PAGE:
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Re: Having trouble "remembering" and "hearing" tunes

Like learning most skills, "putting in the time" with regard to music is a necessary requirement, in my opinion.

An angle, though, might be to do some analytical listening. Listen for melodic patterns, rhythmic patterns, repeated phrases, high notes, low notes. Then do it all again, and again. Perhaps read up on some theory, but try to understand it in a listening context rather than just by intellect.

Funnily enough, the more you listen (properly), the better you get. The journey is part of the fun and adventure. Every discovery can be a eureka moment.

Re: Having trouble "remembering" and "hearing" tunes

Hi Vechey

Here are some suggestions based on my (actually modest) experience.

1. Get familiar with the scales of the major, mixolydian, dorian and aeolian modes (this means familiarizing with the intervals between the notes of these scales)

2. Find the tonal center and the mode of the tune. If you are familiar with modal scales, then based on the tonal center and the intervals you should be able to ‘place’ in the scale the motifs that you hear in the tune

3. Figure our the tune structure in terms of parts, phrases and sub-phrases, learn phrase by phrase and then focus on linking the phrases.

For a concise explanation of some of the above concepts, have look at this excerpt from a unparalleled book by Grey Larsen:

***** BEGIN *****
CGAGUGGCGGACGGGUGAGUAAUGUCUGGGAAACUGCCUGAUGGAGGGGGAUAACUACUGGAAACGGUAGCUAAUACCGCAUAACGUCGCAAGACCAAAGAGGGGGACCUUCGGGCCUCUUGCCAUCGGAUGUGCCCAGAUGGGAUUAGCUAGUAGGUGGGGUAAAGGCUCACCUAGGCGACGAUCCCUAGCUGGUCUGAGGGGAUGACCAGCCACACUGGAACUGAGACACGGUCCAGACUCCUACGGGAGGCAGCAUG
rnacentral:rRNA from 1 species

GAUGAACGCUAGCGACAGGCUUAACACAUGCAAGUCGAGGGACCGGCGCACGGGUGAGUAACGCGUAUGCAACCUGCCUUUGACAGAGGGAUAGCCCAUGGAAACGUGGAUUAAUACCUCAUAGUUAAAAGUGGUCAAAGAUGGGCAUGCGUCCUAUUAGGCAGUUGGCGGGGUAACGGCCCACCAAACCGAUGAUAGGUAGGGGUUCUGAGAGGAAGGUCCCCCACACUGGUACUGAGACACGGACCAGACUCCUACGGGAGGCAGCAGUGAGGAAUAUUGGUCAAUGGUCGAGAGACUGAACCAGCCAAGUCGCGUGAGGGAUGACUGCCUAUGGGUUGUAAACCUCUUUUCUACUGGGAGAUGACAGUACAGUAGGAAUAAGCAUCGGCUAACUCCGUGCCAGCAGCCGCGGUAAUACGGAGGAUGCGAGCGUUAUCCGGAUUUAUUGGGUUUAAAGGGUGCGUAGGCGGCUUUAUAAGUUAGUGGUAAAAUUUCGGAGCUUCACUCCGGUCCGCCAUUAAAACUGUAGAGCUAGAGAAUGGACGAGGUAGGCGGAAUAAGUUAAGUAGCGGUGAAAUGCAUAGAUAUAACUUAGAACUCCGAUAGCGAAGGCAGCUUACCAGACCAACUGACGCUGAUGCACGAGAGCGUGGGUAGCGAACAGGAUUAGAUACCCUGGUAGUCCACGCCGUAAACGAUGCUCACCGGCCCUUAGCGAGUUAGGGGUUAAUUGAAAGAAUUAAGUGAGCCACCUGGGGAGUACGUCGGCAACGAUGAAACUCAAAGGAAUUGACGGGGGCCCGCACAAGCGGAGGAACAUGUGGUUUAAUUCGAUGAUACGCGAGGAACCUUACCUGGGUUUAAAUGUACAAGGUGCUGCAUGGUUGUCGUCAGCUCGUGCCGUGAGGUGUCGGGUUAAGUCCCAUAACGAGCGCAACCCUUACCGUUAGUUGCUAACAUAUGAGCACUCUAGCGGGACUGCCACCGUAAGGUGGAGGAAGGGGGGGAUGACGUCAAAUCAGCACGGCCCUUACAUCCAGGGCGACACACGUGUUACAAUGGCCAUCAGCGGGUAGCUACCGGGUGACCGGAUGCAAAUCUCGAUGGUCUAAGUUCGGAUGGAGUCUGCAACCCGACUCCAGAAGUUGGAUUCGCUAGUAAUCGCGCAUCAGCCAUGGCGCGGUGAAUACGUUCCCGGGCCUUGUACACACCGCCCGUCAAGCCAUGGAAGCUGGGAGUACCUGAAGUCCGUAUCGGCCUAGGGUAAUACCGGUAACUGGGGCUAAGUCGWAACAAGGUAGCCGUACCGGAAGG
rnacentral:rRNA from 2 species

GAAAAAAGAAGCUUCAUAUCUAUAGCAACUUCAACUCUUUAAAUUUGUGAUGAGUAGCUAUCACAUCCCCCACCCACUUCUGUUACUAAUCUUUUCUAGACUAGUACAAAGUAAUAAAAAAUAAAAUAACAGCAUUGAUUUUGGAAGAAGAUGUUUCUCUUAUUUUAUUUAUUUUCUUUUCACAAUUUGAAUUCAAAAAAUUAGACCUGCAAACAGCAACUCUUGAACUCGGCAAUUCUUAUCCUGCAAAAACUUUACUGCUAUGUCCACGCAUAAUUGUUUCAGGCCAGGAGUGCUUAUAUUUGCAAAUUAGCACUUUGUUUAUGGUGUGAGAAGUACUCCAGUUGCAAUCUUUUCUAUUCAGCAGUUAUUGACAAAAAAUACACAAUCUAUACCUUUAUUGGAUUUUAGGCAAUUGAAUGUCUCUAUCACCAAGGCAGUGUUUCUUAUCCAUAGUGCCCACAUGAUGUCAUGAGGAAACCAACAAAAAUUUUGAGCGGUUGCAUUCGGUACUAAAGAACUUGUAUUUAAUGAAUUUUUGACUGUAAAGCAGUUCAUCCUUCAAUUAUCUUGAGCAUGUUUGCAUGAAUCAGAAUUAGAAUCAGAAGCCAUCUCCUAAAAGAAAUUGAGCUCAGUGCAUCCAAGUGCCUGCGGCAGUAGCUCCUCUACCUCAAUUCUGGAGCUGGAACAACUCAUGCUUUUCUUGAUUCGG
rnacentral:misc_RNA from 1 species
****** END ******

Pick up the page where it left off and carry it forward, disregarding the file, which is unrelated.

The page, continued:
Hope this helps,

Re: Having trouble "remembering" and "hearing" tunes

when you say you’re learning/memorising tunes, are you doing this visually or aurally?

Are you trying to learn/memorise by looking at sheet music or by listening?

Different people memorise different ways. For me, I have a "sightreading brain" and an "ear-learning brain".

I can sightread a tune over and over and it still won’t go into memory.

The tunes I memorise the quickest are the ones that I’ve never seen sheet music for; from the get-go they are acquired purely by ear. As I’m figuring out how the tune goes I’m simultaneously committing it to memory, there’s no dichotomy between learning and memorising.

Re: Having trouble "remembering" and "hearing" tunes

Hi Vechey,

To make things easier right away: You might try putting any one tune you want to learn on repeat, and leaving it playing in the background or via earphones while you do mundane chores (wash dishes? mop the floor? weed the garden?). Don’t even think about trying to memorize it as you listen, and definitely don’t try to play it. Just listen idly and/or ignore it as you go about your business, and make sure it’s set to repeat so you don’t have to think about it at ALL… no rewinding/restarting the track, etc.

By the time you’re thoroughly sick of hearing that one tune you’ll probably be able to hum the whole thing, or at least a good chunk of it, even if you need the first few notes as a prompt to get you started.